Since their formation in 2002, the Los Angeles-based post rock duo El Ten Eleven — Kristian Dunn (double-neck bass/guitar) and Tim Fogarty (drums) — have released eight full-length albums and four EPs, which have helped to establish their reputation for a steadfast DIY approach and for using a dizzying array of effect and looping pedals to create a dense, complex and incredibly cinematic sound.
As we all know, experiencing an unexpected and tragic loss often inspires a period of deep self-reflection — a time in which one may contemplate their own mortality, as well as their own place and purpose within the larger world. El Ten Eleven’s Kristian Dunn found himself in a similar situation when a beloved family member of his died. And his own reflections on his life wound up emerging in the music he had started to write at the time. The end result is the band’s epic album Tautology, a sonic meditation on the arc of human life, composed in three parts starting from the teenage years, through middle age and then death.
Sonically, the album echoes Dunn’s own personal experiences, veering from aggressive metal riffs to gorgeous and blissful ambient soundscapes. And while there are shared melodic and harmonic ideas throughout the album, each individual album has its own distinct qualities and character: Tautology I, which represents adolescence is reportedly angsty, aggressive and occasionally depressive; Tautology II, which represents middle aged reportedly features mid-tempo, head-nodding grooves; while Tautology III, which represents the golden years, is reportedly quiet and ambient. As a result, the 3LP album reportedly finds the duo pushing their sound into new territory, experimenting with a range of textures and soundscapes not heard on any previous El Ten Eleven effort.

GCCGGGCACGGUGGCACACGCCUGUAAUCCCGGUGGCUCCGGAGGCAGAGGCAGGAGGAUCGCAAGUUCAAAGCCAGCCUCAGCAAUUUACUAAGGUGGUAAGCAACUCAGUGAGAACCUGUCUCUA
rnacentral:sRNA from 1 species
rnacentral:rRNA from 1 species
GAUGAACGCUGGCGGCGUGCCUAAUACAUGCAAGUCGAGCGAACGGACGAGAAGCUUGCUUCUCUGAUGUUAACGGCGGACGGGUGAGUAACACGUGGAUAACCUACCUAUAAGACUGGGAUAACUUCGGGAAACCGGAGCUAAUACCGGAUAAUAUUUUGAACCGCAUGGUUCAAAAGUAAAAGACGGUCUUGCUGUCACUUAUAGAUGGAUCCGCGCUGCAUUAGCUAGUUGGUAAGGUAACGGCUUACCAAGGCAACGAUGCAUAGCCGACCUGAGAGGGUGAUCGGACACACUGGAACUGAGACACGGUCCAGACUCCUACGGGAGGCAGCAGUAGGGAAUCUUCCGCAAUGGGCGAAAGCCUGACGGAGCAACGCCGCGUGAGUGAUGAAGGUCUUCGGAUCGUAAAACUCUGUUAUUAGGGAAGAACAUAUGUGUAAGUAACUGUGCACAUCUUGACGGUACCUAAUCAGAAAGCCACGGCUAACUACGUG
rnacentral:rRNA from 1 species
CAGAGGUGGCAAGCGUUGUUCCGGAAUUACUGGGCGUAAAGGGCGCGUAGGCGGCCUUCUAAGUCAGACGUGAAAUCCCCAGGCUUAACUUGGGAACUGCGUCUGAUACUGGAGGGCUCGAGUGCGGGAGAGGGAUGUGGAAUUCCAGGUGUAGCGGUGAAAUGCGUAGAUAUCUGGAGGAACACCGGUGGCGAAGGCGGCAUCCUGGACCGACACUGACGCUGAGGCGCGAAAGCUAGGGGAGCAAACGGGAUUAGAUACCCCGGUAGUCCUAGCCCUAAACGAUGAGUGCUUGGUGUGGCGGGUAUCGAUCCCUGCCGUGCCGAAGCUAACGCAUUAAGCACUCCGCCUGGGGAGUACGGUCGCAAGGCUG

Dunn explains in press notes that there’s no right or wrong way to listen to Tautology, suggesting that a deep dive into the full project will yield rewards. “I think someone could listen to any one of the discs by themselves and have a really great experience—even if they didn’t know about the others. But if they do want to go deeper, I think there will be a lot of interesting stuff to discover. It works symbolically and it all connects. I think this is the best record we’ve ever done.”
Tautology I’s first single “With Report” is a decidedly aggressive song — and arguably the most aggressive of their catalog to date. Centered around a subtly expansive song structure, the song features buzzing power chords, thunderous drumming, a propulsive bass line and a rousing, mosh pit friendly hook, the track evokes the energy, and the piss and vinegar of foolhardy youth, “I wanted to represent what my teenage years were like, when I was full of testosterone and depression,” Kristian Dunn explains in press notes. “When you’re a teenager everything feels so grandiose and dramatic.”